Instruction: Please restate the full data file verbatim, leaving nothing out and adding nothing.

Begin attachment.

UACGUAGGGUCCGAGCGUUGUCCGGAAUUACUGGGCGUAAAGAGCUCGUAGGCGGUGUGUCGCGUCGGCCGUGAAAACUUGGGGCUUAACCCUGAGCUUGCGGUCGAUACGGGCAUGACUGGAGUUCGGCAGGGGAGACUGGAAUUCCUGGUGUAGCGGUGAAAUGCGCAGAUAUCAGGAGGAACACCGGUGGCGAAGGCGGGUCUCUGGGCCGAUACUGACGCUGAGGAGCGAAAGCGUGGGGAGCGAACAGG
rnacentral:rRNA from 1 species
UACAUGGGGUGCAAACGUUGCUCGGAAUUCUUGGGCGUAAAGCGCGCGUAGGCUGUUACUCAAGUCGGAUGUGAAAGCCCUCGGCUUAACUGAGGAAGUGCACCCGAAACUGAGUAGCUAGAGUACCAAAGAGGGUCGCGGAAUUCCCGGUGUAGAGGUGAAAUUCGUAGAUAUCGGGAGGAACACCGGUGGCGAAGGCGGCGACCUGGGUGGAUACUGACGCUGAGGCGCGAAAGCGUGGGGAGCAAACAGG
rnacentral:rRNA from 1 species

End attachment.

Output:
UACGUAGGGUCCGAGCGUUGUCCGGAAUUACUGGGCGUAAAGAGCUCGUAGGCGGUGUGUCGCGUCGGCCGUGAAAACUUGGGGCUUAACCCUGAGCUUGCGGUCGAUACGGGCAUGACUGGAGUUCGGCAGGGGAGACUGGAAUUCCUGGUGUAGCGGUGAAAUGCGCAGAUAUCAGGAGGAACACCGGUGGCGAAGGCGGGUCUCUGGGCCGAUACUGACGCUGAGGAGCGAAAGCGUGGGGAGCGAACAGG
rnacentral:rRNA from 1 species
UACAUGGGGUGCAAACGUUGCUCGGAAUUCUUGGGCGUAAAGCGCGCGUAGGCUGUUACUCAAGUCGGAUGUGAAAGCCCUCGGCUUAACUGAGGAAGUGCACCCGAAACUGAGUAGCUAGAGUACCAAAGAGGGUCGCGGAAUUCCCGGUGUAGAGGUGAAAUUCGUAGAUAUCGGGAGGAACACCGGUGGCGAAGGCGGCGACCUGGGUGGAUACUGACGCUGAGGCGCGAAAGCGUGGGGAGCAAACAGG
rnacentral:rRNA from 1 species